One by one, the politicians among the accusers were bought off. With a juicy Shadow Cabinet position here. A threat or two there. All except for Mohammed al-Fayed, billionaire owner of Harrods, Fulham Football Club. And the Ritz Hotel, in Paris.
Al-Fayed had a continuing beef with the British Conservatives. They had denied him British citizenship. And he promised in 1997 to walk all over the grave of their election defeat with detailed revelations of the covert arms activities of senior Conservatives. Naming names. Of all the participants. Including the Middle-Eastern arms middlemen. Folks who normally preferred to remain nameless, in the shadows.
Al-Fayed’s crowning moment came in June of 1997 when, just a month after the Tories’ election defeat, he provided the evidence which scuppered the libel action former Tory Cabinet Minister Jonathan Aitken was bringing against the (London) Guardian newspaper.
In 1995, the Guardian had run a piece alleging that Jonathan Aitken, while serving as Tory Minister for Defence Procurement (for which read, Minister for International Arms Sales), had in 1993 met in al-Fayed’s Ritz Hotel with one Said Ayas, one of the primary arms bagmen for the Saudi Royal Family.
Bagmen are the high-flying, backroom fixers who negotiate the level of arms commissions (bribes) to be paid, and who decide who receives how much. In 1993, some $300 million a year in arms commissions was being paid by the Saudi government into a special Bank of England account, for the political party in power in Great Britain then to divvy up among its friends.
That money arose out of a multi-stage, rolling arms contract between the British government and Saudi Arabia, which began in 1985, continues to this day, and so far has been worth about $100 billion. The contract is known as Al Yamamah, Arabic for ‘The Dove.’
Aitken was meeting with Ayas, in Paris, in 1993, to put the finishing touches to the bribes to be paid from Al Yamamah II, while commencing the negotiations for the commissions arising from Al Yamamah III.
Naturally, all of the parties concerned were less than happy with al-Fayed’s boasts that he was going to reveal details of the illicit Tory arms dealing which had been taking place in his hotel.
However, no-one really took him seriously. Until, in June of 1997, al-Fayed triumphantly produced a fax which proved that Aitken had been lying in his libel action.
The fax made clear that, contrary to what Aitken had been insisting in his libel action, namely that he had never met Ayas, didn’t know him, and most certainly had been nowhere near the Ritz Hotel the weekend in 1993 when Ayas was holding court there. Aitken had indeed been in the Ritz Hotel that same weekend. Meeting with Ayas. In fact, the fax al-Fayed was waving in his grubby little hand was none other than a copy of Aitken’s hotel bill. Oops.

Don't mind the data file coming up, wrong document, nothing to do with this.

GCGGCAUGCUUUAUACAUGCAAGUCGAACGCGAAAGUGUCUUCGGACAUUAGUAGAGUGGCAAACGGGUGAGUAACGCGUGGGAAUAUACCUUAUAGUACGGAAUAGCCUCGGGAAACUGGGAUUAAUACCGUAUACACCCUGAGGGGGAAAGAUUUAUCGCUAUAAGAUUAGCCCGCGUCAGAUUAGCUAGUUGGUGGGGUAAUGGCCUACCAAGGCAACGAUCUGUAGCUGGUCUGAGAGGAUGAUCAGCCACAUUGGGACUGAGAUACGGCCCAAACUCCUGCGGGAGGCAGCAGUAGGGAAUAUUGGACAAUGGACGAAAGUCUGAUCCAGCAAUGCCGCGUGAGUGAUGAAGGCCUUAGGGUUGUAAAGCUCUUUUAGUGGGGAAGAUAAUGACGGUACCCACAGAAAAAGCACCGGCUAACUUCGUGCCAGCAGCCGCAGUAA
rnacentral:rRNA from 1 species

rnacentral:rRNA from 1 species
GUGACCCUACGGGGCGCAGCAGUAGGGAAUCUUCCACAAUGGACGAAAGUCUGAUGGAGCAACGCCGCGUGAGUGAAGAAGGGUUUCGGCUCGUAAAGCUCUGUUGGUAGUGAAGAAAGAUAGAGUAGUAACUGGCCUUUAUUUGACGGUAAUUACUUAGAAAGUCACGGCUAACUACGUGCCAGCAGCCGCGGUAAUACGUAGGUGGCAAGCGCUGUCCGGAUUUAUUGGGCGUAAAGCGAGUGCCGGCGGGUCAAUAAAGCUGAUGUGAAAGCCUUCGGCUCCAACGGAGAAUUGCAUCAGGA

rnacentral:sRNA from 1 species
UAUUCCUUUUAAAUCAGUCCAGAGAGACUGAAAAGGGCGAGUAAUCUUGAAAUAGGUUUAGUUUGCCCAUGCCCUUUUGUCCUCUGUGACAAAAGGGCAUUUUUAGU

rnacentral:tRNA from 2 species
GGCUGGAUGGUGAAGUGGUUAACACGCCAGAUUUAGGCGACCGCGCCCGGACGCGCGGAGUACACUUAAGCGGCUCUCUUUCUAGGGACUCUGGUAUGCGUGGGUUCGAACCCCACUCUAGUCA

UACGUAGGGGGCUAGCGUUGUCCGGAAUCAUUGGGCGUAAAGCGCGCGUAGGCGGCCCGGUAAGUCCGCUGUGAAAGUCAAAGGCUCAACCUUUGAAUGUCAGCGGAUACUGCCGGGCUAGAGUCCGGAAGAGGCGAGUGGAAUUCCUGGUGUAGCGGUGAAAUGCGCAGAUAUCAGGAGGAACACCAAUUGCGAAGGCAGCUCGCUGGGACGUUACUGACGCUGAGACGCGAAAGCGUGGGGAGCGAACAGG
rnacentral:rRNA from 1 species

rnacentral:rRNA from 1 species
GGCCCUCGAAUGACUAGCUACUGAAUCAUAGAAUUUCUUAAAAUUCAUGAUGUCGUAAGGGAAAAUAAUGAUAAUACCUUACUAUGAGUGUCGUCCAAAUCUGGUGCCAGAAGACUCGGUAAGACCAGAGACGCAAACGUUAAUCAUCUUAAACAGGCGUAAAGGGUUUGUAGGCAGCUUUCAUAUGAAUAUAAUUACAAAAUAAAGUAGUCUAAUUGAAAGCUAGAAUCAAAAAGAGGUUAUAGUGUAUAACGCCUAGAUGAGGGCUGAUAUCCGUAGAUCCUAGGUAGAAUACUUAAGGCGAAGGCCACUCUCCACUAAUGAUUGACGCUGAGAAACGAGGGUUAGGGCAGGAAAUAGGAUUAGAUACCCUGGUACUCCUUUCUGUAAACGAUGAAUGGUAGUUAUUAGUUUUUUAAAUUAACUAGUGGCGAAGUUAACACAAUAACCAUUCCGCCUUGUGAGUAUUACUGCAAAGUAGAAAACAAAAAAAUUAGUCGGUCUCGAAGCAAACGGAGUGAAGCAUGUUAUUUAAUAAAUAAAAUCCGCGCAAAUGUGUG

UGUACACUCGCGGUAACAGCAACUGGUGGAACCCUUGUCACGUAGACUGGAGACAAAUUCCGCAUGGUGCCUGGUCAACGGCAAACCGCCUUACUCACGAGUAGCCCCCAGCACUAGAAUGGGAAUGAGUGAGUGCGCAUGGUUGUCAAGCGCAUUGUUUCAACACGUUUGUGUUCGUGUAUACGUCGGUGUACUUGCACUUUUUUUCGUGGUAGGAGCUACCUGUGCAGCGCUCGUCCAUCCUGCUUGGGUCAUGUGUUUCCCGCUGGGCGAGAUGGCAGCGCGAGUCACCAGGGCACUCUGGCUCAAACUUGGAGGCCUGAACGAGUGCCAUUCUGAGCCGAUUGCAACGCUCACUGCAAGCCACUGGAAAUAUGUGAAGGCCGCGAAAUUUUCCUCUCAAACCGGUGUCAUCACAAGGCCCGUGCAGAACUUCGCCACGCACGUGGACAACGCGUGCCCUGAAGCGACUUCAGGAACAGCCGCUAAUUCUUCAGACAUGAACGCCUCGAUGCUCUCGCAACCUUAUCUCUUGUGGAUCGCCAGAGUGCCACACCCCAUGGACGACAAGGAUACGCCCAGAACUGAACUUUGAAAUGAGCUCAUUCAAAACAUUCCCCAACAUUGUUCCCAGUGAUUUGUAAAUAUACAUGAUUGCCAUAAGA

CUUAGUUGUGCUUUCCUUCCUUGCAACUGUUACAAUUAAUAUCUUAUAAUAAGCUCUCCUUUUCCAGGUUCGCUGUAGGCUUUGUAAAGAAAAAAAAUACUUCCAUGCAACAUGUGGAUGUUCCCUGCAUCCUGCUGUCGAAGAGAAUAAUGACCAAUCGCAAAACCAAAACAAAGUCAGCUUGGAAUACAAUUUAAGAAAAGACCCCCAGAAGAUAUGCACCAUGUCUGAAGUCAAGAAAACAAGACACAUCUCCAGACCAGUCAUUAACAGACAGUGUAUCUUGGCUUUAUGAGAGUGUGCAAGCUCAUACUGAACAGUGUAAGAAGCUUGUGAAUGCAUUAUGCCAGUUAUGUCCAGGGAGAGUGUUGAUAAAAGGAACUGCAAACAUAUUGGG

Libel action crashes. Aitken later goes to prison for perjury. Fayed is beside himself with joy. And the backroom arms dealings of the British Conservative Party and those shadowy Middle Eastern bagmen are suddenly being exposed all over the British media. Not a place shadowy arms middlemen like to have their photographs appearing.
I continue with an excerpt from my book:
“Al-Fayed was, of course, beside himself with joy. Not only had the offending event occurred in his hotel, but he had been able to get The Guardian story going in the first place, with his invaluable inside information about Jonny’s meeting.
More than that. Al-Fayed had then been able to apply the coup de grace personally. For it was he who had supplied the trial with the Ritz Hotel fax that had proven that Jonny’s wife was in Switzerland, and not in Paris. Tubby little Fayed bobbed and weaved around London, in merriment and mirth, rubbing his hands in glee, just like Danny de Vito as the Penguin in Batman Returns.
Along with the bobbing, and just before the weaving, al-Fayed was also trumpeting to the press that he would now hammer the nail well and truly into the coffin of the Conservative Party, with total exposure of the Tories’ remaining dirty dealings with respect to Al Yamamah. I put two and two together, and wondered whether he was in a position to do this because those dealings had also occurred in the Ritz Hotel?
I wrote a letter to al-Fayed (in early August of 1997), setting out my reasoning, and asking him if he’d happened to come across Hugh in his hotel, up to no good. Not really expecting al-Fayed to respond, I got a little “familiar” in the letter, and commended him on his courage in speaking out so boldly about arms merchants, who probably wouldn’t be too happy at his threats to expose them, along with right-wing Tories.
Less than a month later, in the middle of the night of August 31, 1997, his son Dodi was killed in mysterious circumstances in a car crash in Paris, as he was traveling from the Ritz Hotel back to his apartment. Also killed in the crash was his girlfriend. With him. In the back seat of his Mercedes.
The girlfriend was Diana, Princess of Wales.
To this day, Mohammed al-Fayed has not uttered a single word more about arms deals, arms merchants, arms middlemen, the Ritz Hotel or the (British) Conservative Party. He has four young children by his second marriage.”